Using their native language, even when parents are bilingual, promotes trust as well as better communication. Meetings should be held in conveniently located and neutral locations i. Scheduling should take parents' work schedules into account. It is important for recruiters to recognize that some parents, particularly immigrant and poor parents, may not agree that children will benefit academically from early childhood education.
Showing parents how the whole family can benefit from their children's preschool attendance is also an effective recruiting strategy. Project FLAME, a Federally-funded urban program for Mexican American families, not only teaches literacy skills to the parents and preschoolers, but encourages parents to draw on these skills for personal empowerment when dealing with the various public agencies in their lives.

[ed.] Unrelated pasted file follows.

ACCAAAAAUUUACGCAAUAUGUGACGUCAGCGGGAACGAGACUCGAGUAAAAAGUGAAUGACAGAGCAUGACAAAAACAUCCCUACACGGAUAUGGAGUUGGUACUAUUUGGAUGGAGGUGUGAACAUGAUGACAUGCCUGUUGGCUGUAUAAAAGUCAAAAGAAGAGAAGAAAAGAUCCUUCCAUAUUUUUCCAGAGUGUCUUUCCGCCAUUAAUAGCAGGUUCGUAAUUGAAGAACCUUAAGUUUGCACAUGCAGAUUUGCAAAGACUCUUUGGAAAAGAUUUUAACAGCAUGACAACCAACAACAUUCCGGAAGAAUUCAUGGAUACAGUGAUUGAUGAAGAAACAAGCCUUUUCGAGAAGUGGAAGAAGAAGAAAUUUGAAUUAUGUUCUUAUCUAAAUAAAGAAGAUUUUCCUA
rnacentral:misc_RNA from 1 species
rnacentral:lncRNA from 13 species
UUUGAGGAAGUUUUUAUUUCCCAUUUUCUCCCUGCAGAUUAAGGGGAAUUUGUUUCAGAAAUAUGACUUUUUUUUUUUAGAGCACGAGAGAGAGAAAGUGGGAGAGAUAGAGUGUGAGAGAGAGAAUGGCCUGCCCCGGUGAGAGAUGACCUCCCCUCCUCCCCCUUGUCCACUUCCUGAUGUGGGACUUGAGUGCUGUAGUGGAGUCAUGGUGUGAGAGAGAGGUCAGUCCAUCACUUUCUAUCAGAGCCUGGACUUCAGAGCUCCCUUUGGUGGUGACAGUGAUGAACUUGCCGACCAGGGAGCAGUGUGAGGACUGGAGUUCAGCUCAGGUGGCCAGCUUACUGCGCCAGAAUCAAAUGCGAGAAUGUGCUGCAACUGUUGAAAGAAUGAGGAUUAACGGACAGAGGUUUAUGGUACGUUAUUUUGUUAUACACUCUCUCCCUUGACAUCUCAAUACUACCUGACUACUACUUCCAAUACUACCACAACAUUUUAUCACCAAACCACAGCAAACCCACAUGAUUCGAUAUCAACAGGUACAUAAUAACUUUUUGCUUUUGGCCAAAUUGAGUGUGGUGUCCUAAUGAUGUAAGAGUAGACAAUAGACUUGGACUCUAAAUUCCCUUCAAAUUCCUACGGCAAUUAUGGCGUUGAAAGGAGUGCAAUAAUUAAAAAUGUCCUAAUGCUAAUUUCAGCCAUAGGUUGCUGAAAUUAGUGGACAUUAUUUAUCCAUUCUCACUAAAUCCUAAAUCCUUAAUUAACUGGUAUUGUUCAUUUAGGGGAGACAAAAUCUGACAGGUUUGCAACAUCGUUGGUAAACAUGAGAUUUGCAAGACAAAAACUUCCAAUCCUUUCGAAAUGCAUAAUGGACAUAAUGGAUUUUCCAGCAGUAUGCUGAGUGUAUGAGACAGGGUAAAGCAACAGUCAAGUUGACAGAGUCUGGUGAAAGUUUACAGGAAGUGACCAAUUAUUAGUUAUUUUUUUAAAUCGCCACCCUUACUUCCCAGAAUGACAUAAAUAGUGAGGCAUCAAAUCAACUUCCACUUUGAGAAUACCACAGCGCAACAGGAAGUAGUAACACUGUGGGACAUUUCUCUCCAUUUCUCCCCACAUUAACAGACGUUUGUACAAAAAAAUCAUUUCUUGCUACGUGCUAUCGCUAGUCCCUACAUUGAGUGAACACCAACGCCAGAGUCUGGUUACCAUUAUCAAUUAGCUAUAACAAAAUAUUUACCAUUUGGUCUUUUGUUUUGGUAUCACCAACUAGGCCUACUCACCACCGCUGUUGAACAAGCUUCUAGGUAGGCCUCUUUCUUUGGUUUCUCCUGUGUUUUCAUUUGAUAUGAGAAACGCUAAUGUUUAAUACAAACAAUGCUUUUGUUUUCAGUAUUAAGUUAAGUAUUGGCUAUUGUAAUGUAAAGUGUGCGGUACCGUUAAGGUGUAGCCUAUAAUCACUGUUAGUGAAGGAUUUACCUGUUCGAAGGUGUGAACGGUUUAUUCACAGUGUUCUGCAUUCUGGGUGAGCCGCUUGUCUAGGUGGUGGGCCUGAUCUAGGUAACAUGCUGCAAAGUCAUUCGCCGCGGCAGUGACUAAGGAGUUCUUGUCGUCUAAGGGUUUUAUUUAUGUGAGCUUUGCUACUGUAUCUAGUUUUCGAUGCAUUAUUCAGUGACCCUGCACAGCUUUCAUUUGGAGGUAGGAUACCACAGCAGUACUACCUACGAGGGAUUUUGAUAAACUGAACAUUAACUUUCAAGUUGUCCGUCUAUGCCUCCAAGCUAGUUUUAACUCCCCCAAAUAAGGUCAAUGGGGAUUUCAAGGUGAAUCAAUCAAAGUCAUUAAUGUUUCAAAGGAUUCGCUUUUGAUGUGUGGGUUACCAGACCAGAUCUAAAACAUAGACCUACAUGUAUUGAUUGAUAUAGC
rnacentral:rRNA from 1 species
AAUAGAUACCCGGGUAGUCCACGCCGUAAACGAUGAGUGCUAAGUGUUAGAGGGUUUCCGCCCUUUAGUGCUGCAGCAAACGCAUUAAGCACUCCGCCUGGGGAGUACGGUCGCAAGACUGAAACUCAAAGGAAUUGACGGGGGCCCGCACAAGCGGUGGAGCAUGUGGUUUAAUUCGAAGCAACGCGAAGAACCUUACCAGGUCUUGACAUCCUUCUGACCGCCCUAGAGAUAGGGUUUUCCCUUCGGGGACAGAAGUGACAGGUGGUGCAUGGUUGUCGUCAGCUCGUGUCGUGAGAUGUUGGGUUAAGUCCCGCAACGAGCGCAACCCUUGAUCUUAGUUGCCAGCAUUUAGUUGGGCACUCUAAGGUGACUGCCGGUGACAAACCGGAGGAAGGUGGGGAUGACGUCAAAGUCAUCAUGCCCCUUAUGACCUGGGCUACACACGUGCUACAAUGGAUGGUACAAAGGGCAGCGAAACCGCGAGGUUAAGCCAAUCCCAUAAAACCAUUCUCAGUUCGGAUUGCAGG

Other attractive parent programs include workshops on topics of great relevance, such as parenting skills, gang awareness, communication and study skills, and vocational training McLeod, ; Espinosa, Even simply providing parents with information about community medical and social services and with forms they need i.
More general recruiting strategies, usually undertaken by preschools themselves, are media releases in English and Spanish and brightly colored leaflets distributed to churches, CBOs, and other places where parents can be found. Some have educational components that consist of just a few minutes a day of direct instruction in skills building of any kind sometimes delivered by a video presentation.
Others use a carefully constructed age-appropriate academic curriculum that fills the day. Some have staffs with degrees in early childhood education and with state certification; others employ community members whose experience is limited to what they learned from rearing their own children.